An open source alternative for “the cloud”

Cloud services have become the default tools many people use to get their work done. But this can mean giving up privacy and control. Some open source alternatives are now offering tools to put people back in charge.

Frank Karlitschek is a German open source developer and founder of Nextcloud, a platform for storage, collaboration and everything else you expect to work together online.

“We have this huge centralization of everything. The cloud infrastructure that drives a lot of the services on the internet, is controlled by very few entities, like Amazon, Google and Microsoft. They are the backbone of everything and this is not healthy,” he says.

Nextcloud was originally founded as an alternative to Dropbox, but where the user could get the benefits of cloud services on infrastructure they control. It has since evolved into a fully modular productivity suite, meaning you can choose which applications you run on the platform

“The idea was that you can run your own server on your own infrastructure, so it’s decentralized and federated,” says Karlitschek. He compares the current version of Nextcloud to G Suite from Google or Microsoft Office 365.

“There’s a lot of sharing, collaboration and communication features, document editing, calendars, contacts, all kinds of things. It’s a full modern collaboration suite but it’s a hundred percent open source and on your own infrastructure.”

Nextcloud has about 1,800 individual contributors of code, from single fixes to multi-year engagements. “But it’s more than code,” says Karlitschek. “For examples there’s translations. It’s available in 95 different languages and they are all done by volunteers all over the world.”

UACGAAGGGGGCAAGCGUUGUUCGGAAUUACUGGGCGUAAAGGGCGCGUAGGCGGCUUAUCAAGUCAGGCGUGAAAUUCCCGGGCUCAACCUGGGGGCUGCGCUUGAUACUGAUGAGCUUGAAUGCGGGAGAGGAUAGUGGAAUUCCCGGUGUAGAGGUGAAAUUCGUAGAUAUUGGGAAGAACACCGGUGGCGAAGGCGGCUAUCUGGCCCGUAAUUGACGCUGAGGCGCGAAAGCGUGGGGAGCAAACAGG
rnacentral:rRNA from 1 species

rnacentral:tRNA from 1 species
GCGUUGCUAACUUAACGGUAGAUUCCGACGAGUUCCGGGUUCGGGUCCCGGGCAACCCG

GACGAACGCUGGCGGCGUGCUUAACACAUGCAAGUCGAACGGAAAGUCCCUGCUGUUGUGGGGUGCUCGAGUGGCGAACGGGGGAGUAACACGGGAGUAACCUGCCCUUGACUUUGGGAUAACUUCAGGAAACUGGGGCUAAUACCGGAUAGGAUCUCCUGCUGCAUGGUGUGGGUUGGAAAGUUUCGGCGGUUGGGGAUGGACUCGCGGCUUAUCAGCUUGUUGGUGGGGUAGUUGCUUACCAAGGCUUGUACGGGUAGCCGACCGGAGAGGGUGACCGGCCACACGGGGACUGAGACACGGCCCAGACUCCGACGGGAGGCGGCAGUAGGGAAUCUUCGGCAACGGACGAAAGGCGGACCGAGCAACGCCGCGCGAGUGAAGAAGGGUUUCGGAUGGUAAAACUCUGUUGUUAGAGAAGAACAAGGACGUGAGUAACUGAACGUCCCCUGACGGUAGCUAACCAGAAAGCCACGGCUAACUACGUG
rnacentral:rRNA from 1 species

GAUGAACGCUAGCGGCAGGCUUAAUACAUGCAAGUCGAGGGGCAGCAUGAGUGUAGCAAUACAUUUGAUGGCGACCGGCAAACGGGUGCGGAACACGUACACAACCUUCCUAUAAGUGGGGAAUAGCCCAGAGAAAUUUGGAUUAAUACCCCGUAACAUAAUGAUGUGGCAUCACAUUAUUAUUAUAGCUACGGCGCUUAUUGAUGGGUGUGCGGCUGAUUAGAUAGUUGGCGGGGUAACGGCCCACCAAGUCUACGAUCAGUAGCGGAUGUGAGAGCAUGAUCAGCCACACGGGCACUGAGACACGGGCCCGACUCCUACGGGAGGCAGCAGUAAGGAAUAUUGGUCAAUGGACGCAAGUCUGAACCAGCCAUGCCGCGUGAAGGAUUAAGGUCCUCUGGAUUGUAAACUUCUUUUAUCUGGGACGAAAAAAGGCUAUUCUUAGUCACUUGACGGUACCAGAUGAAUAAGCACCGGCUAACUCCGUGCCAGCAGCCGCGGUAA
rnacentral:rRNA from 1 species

It is not purely volunteer-driven, however. 45 people are employed to maintain the codebase full-time. Their business model is to sell support subscriptions to organizations that use Nextcloud for free, a time-tested way of generating revenue from free and open source software.

Free and open source software emerged at a time when people ran software on their own computers, whether a PC on their desk, or a server in a hosting center. By running non-proprietary code, you had more control of what your computer was doing.

But as cloud services are becoming the default mode of working together, that kind of control is slipping away. “In a way it’s even more closed than proprietary software running on your own laptop, because at least there you know where it is,” says Karlitschek.

In order to create a product that compares and competes with the global internet monopolies, you need to get a lot of things right.

“You need to have an alternative software that is as good. You need to have all the features that the user expects. If you have less features they will use the other software,” says Karlitschek.

But even if you make the user interface and workflows interesting and useful, there are still obstacles to adopting decentralized cloud services.

With Google or Microsoft, you just create an account and get started. To use Nextcloud, you first need to install it on a server. No matter how easy this process is made, it is still one step more than the experience of the proprietary cloud. Hosting your own cloud also costs money.

“In the old days, with open source and free software, we always had the cost benefit on our side. We could say, if you use Linux it’s as good as Microsoft and it costs nothing, where Microsoft costs money. With cloud services it is unfortunately the other way around. Nextcloud is free, but you still need to host it somewhere. Hosting now comes for free with the other services,” says Karlitschek.

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